And those lessons were? I'd like a little more info before you start suggesting this has become Tau standard operating procedure (I can see re-education camps, because the Tau themselves see antisocial behavior as a "sickness," but the constant monitoring stuff is just tacky...).

You're right, it should not have become standard operating procedure. There are many other groupings within the Tau empire who have different visions. As for the monitoring, you don't think that is neccesary? Afterall, it is a constant feature in most dystopic literature. "Big Brother Is Watching You." as well as being an excellent way to sniff out the Freedom Fighters.

Petrosjko
13-07-2005, 09:55
Interestingly enough, the heavy monitoring of the society will also be their best defense against potential incursions by the Ruinous Powers.

Khaine's Messenger
13-07-2005, 16:24
Afterall, it would be a shame to change the Sio't meditations again....

The Sio't meditations were the mere philosophical ditherings of a Water Caste member...were they the mandates of the Ethereal Caste, I imagine the Tau would hold them much closer to their heart. Still, the changes made previously merely removed the "all races have a place in the Tau'va" line...they didn't exactly make a special exception for the Orks/Nids.


Rumours and desperate broadcasts by the Freedom Corps would slightly taint the vision of utopia however.... ;)

Why "Freedom Corps.", by the way? Sounds radically reactionary...after 200 years, I imagine it would have devolved more into a Orwell-patented "possibly nonexistant threat; would you know about it if we didn't tell you?" or into something that would try to bring about a less powerful order, as exists on other planets...?


Basically, its the Tau thinking. "Hey, our way is best!", just look at what they're studying in the Kroot.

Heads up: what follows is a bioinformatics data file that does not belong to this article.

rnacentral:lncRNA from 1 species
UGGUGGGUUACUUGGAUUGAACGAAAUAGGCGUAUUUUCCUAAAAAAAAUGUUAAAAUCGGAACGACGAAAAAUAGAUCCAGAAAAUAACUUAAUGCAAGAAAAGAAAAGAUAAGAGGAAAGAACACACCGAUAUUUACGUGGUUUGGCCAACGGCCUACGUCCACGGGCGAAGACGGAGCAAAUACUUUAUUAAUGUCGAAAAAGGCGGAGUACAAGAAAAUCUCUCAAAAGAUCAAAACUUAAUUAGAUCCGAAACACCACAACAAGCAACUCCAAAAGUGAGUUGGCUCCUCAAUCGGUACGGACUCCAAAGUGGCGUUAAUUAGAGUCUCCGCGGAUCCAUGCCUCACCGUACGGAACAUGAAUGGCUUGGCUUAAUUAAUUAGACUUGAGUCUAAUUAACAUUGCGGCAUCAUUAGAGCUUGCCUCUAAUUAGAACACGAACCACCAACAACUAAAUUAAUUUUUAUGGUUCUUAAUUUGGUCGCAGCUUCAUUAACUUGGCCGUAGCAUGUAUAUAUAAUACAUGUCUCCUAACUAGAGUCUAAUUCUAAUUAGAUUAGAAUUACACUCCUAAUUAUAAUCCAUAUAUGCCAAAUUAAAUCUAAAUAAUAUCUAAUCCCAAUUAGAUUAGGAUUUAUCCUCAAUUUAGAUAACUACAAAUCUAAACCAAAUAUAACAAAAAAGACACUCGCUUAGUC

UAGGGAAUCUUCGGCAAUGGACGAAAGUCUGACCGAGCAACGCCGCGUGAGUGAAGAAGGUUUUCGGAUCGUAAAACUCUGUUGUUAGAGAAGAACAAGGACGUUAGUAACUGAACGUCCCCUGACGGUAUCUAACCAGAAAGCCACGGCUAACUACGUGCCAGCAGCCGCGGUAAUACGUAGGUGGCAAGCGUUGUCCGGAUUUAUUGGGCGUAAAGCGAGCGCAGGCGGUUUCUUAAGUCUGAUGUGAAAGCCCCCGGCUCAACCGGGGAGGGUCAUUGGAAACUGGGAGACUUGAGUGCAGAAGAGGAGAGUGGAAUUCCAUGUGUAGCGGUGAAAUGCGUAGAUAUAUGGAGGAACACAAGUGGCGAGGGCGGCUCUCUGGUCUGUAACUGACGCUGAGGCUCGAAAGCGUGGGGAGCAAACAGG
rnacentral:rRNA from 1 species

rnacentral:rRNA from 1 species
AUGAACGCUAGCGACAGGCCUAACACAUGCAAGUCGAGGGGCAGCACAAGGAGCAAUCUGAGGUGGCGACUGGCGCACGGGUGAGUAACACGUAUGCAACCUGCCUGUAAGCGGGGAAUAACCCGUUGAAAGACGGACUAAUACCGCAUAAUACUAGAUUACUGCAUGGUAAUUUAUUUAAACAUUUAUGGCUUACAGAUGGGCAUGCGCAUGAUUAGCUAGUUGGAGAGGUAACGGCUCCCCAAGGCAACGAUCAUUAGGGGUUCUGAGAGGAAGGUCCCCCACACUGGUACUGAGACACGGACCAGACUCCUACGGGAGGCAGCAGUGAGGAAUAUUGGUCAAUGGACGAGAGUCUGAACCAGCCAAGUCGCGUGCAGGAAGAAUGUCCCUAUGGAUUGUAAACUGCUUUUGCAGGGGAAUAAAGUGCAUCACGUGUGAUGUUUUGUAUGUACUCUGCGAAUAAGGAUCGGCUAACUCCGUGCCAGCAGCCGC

Yes, but they have not instilled the doctrines of their Castes into other races just quite yet, and there is little/no evidence that they would work, as the Tau Castes are not just a way of life, but historically established endogamous political groups that were at one point autonomous...changing humans over from the nation-state mentality of loyalty to the idea of castes without borders would be a little sudden, don't you think?


This, for me... is a way to bring in the "Dark Side" of the Tau, that many feel is lacking.

Those who cannot find a dark side in the Tau are obviously not cynical enough. :)


As for the monitoring, you don't think that is neccesary? Afterall, it is a constant feature in most dystopic literature. "Big Brother Is Watching You." as well as being an excellent way to sniff out the Freedom Fighters.

Oh, it's fine...I just think it's a bit of an overreaction on the part of the Tau, as not even the Imperium is that harsh (usually). Still, the Tau do have their own version...if only in the Fire Caste...so they have some experience in this regard. "No Tau is ever alone." :evilgrin: